Seventeen women and 54 men are competing for the 12 seats on the board of the Chamber of Commerce in the Saudi business capital, Jeddah.
Voting takes place over four days – for the female candidates voting was on Saturday and Sunday, while voting for the men is on Monday and Tuesday.
The vote is seen by liberals as a sign of progress.
BBC Middle East analyst Roger Hardy says the election is of great symbolic importance in a conservative country where women’s lives are restricted in many ways.
Our correspondent says women’s activists are trying to put a brave face on the fact that the turnout at the weekend was low.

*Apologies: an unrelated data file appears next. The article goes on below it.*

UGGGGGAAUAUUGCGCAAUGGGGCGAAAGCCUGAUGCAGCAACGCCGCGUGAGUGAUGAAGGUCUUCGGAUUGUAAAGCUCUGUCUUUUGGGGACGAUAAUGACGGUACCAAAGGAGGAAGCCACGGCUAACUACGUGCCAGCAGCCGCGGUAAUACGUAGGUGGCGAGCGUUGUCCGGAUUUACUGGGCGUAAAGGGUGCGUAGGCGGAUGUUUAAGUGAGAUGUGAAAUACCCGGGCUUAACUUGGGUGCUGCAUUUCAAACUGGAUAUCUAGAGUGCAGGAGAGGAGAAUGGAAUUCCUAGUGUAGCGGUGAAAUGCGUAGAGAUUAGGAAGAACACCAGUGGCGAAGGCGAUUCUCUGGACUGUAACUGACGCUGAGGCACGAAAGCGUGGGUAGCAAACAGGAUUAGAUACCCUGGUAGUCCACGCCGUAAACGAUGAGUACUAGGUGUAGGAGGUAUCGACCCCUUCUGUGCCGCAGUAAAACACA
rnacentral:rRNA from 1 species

By Saudi standards, the chambers of commerce are modern, liberal institutions.
They have long prided themselves on the fact that they conduct often strongly contested internal elections.
But in general, voting is still a novelty in the kingdom – and for the many Saudis who want reform, progress has been painfully slow, our correspondent says.
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